Open source evangelists will have a tough time processing the news this morning that Microsoft is inviting Mozilla developers to participate in a Windows Vista compatibility lab.
In all honesty, we are having a little trouble processing it ourselves.
Firefox, Mozilla's free Web browser, is in many ways the most successful open source rival to Microsoft, having now garnered as much as 15 percent of the worldwide browser market, according to some estimates. Mozilla is also deeply tied to Google, often heralded as the Microsoft-killer on the commercial end of the software spectrum. (Firefox is funded largely through advertising revenues shared by Google, which happens to be the default home page for the browser.)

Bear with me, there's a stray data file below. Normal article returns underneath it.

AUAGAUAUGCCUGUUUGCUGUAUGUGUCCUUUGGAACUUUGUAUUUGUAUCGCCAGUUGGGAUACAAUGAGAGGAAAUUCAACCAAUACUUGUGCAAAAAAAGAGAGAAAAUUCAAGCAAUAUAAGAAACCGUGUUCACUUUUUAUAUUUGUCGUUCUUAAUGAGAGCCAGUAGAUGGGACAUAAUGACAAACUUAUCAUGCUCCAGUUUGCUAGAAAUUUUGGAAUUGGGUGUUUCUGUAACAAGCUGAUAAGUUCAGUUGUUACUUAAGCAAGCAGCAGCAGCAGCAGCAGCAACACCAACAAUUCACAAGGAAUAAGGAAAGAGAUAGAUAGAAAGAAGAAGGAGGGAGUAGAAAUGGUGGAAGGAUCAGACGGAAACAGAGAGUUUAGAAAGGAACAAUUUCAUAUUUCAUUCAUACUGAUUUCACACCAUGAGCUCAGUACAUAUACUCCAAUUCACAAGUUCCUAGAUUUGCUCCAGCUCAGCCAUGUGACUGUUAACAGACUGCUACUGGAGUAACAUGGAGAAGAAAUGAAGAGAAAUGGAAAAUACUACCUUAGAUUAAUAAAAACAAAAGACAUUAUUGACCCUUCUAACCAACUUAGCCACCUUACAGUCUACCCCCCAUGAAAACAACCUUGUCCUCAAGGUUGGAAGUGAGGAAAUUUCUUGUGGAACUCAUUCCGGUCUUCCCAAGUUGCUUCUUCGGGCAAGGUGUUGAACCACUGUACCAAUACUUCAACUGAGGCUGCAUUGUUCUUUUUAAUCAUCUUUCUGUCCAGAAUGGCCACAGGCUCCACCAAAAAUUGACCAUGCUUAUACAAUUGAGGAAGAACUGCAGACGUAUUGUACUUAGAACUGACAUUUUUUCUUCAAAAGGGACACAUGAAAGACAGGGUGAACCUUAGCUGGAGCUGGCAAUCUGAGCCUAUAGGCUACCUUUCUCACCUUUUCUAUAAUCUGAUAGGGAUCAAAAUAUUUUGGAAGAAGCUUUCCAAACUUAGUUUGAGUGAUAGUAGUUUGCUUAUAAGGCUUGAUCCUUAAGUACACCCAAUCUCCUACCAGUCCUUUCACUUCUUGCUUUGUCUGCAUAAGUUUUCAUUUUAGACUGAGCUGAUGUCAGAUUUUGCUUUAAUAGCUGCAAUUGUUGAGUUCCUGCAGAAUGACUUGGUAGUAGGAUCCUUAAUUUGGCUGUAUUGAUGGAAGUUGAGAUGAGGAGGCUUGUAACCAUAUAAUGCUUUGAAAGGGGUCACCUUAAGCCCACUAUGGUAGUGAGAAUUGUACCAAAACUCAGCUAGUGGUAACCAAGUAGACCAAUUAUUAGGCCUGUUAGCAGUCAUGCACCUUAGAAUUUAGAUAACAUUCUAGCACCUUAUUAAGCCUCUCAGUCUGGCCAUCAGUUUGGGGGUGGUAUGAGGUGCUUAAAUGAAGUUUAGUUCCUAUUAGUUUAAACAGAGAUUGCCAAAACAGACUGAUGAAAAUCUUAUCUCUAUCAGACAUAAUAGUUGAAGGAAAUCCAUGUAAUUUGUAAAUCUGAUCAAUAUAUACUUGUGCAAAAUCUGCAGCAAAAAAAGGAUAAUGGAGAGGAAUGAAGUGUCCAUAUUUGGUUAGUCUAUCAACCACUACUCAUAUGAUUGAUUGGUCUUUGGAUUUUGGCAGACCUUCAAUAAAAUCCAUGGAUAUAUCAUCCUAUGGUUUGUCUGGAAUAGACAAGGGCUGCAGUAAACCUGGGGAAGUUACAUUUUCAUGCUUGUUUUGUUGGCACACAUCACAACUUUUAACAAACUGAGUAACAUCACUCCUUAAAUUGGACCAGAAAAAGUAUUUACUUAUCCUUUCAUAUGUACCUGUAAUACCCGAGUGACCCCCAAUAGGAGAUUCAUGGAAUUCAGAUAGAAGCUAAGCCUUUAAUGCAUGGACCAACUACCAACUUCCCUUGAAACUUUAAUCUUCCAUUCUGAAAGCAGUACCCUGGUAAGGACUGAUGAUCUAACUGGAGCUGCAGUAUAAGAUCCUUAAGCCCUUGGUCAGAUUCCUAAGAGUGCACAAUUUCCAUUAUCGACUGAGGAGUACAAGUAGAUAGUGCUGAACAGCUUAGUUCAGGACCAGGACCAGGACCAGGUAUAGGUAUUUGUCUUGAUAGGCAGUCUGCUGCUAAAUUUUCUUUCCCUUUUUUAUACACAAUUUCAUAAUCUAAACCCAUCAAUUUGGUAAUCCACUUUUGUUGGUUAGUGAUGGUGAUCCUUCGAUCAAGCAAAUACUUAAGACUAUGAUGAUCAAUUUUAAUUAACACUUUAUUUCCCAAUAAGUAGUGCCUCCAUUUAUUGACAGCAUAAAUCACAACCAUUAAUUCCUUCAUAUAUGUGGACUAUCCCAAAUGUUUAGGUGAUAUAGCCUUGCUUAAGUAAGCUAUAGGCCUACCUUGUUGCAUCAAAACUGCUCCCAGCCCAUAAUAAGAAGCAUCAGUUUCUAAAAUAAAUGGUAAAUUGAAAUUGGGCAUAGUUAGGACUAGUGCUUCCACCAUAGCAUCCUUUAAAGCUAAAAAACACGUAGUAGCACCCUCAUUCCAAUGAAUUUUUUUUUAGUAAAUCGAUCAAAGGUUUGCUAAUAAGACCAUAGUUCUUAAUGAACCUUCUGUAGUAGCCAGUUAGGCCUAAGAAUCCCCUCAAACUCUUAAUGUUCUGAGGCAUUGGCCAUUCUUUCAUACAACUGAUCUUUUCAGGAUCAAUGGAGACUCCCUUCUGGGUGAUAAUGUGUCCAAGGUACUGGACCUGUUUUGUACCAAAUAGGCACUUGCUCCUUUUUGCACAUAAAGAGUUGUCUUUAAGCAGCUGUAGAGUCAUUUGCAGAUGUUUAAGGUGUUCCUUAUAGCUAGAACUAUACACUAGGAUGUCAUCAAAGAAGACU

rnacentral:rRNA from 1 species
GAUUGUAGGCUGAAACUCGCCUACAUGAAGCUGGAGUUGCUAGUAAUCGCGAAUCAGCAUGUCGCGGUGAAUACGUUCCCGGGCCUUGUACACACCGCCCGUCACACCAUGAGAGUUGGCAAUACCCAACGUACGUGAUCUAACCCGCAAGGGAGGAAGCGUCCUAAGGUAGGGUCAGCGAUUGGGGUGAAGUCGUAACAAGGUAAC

The cynic in us tells us that Mozilla developers probably don't need Redmond's offer of lab space and 1:1 access to Vista developers to create a stable release of Firefox for the new OS -- they've done OK so far.
But it's still a remarkably open gesture by a company that not so long ago was calling open source a "cancer."
This latest announcement is more evidence Redmond recognizes that at least some open source applications, even those that compete directly with flagship Microsoft products like IE, are here to stay. To maintain its decades-long control of the desktop, Microsoft must play nice with these popular apps.